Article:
In today’s second reading, the short excerpt from St. Paul’s letter to the newly baptized converts in the Greek city of Corinth, he expresses the hope that there will be no divisions among them, but that they will remain united in one mind and in one purpose. He says he is disturbed by the rivalries that he’s been hearing about. But the rivalries are based on by whom they were instructed and formed for their commitment to the new way of Christ– some by Paul himself, others by Apollos, and still others by Cephas. This situation of an almost cultic loyalty to the person who led them into the reform movement started by Jesus and his apostles gave the impression that their allegiance was not primarily to Christ but to the messenger who introduced them to his way of life. And Paul says, in effect, Hold on there! Remember that it wasn’t I or any of the other missionaries who died for you – it was Jesus!

Thus, the centrality of Jesus and his gospel. Paul insists there must be absolute unity. But that cannot mean that disagreements concerning what Jesus taught and what he meant must never occur. It cannot mean that in areas that Jesus never spoke about all must be of one conviction. Quite the opposite, the infant church starts out with a verbal brawl between a couple of the apostles and the chief of them all, Peter, over a major requirement for prospective converts and whether it should stand or not. Peter, the one we think of as the first pope, took the conservative side, but soon enough became convinced that he was wrong, that he had misunderstood the mind of Christ and of the Spirit of God, and willingly, even eagerly, gave in to his opponents.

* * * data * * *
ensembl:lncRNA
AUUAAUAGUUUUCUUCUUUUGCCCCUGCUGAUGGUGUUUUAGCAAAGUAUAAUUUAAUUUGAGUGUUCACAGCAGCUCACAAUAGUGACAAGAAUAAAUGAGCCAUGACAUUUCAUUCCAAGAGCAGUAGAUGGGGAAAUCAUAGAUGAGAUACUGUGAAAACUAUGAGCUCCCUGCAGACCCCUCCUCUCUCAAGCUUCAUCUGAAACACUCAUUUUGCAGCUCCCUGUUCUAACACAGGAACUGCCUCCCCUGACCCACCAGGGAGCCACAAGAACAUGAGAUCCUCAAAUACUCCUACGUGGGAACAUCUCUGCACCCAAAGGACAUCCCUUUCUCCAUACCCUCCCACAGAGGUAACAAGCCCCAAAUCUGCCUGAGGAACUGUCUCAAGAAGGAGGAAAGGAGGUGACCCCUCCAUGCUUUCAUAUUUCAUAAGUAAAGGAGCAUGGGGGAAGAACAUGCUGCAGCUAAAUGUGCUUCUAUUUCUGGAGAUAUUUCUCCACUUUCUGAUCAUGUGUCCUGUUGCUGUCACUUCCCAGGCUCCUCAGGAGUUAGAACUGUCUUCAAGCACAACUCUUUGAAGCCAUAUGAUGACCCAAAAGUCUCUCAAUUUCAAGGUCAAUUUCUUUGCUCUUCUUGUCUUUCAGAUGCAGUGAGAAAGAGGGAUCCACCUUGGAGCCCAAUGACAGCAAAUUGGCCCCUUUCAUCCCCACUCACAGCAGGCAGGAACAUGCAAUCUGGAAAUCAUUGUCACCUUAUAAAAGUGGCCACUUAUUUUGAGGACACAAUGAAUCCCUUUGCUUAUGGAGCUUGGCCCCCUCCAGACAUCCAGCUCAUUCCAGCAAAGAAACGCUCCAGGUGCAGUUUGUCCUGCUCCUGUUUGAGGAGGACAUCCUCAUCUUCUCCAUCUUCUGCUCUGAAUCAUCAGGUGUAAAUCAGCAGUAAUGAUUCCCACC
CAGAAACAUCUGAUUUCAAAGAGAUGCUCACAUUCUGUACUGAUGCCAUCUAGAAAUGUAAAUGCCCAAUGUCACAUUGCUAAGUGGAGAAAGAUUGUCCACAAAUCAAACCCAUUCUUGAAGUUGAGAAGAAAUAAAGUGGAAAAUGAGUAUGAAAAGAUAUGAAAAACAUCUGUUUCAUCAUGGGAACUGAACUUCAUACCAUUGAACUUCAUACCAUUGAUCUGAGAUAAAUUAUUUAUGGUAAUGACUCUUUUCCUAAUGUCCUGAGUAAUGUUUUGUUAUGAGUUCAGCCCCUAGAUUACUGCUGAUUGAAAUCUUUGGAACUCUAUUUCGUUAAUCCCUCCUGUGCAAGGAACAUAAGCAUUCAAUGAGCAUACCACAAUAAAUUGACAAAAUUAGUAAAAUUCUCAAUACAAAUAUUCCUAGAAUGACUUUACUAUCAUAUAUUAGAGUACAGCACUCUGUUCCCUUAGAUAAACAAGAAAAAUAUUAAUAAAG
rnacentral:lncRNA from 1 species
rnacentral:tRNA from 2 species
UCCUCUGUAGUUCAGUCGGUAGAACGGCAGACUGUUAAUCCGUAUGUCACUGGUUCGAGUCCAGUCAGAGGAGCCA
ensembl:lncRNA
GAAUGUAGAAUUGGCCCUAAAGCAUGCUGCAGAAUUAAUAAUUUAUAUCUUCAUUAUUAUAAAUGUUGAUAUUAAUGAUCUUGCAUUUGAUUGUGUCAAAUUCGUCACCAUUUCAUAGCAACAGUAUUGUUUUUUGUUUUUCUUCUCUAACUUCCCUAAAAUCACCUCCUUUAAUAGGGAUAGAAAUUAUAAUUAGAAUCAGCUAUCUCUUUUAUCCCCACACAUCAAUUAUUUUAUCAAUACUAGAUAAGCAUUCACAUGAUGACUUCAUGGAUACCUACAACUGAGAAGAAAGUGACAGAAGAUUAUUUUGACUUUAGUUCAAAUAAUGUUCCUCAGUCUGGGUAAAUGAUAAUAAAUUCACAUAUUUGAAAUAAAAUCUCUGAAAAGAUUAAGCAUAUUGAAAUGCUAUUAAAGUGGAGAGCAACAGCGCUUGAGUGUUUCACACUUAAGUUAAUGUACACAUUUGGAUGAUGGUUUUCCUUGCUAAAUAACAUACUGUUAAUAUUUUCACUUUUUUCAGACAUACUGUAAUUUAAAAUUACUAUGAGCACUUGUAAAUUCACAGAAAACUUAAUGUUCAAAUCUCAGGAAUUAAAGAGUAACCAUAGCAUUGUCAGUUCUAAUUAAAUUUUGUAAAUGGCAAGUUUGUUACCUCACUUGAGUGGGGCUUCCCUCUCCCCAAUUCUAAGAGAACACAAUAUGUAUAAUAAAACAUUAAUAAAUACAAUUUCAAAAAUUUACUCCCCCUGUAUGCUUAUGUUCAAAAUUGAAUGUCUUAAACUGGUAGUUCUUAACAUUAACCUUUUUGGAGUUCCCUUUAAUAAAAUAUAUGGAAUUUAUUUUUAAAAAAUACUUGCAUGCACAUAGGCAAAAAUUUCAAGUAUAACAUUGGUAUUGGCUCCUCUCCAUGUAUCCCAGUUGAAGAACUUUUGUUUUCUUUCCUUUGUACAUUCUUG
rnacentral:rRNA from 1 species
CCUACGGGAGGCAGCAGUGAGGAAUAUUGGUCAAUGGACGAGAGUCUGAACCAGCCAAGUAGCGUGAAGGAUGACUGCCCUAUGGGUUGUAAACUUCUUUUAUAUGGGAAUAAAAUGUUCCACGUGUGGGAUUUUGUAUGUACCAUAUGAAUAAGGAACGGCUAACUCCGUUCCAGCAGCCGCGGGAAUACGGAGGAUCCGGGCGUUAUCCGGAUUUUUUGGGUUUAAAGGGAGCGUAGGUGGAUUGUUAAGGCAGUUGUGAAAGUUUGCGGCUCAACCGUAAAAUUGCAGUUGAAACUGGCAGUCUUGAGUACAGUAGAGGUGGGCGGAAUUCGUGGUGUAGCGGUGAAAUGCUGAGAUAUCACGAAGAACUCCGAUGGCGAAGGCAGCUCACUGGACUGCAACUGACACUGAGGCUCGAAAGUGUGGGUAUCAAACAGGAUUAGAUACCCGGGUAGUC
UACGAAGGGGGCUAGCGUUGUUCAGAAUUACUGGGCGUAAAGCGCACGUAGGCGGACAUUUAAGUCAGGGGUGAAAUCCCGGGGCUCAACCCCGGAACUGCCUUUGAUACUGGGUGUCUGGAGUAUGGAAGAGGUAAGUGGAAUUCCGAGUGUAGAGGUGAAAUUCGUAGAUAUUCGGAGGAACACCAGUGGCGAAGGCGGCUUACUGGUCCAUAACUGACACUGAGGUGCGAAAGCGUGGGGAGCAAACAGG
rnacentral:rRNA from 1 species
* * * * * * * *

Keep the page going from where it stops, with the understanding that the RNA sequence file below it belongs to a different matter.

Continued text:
Trained as we Catholics are to be obedient, the very notion of such freedom can be unsettling to some of us. But the truth is that Christian discipleship – being a faithful follower of Jesus as a member of the Catholic Church – does not demand that we abandon our God-given capacity to reason and to decide. Quite the opposite, while we must listen with an open and receptive mind to the official position of the church, we have also to weigh the options before us carefully and with much prayer. We have the duty to consult broadly in every way possible to us. And then we must finally make a decision and live with it in peace. We remain firmly united with the Christian community, especially through our weekly Eucharist, where we can always be of one heart, though never totally of one mind.


Isaiah 49:3,5-6; 1 Corinthians 1:1-3; John 1:29-34

I learned rather late in life that I was not a good listener. But at some point along the way beyond that, I discovered that listening intently with an open mind is very important in the development and maintenance of good human relationships.

Forty or so years ago, spending a typical evening with my widowed mother, I would at the same time read TIME Magazine, talk on the phone, and “listen” to family news that Mother was sharing with me from across the room. That often ended with, “Dick, dear, I know you didn’t hear a word I said, but that’s alright; I‘ll tell you again later.”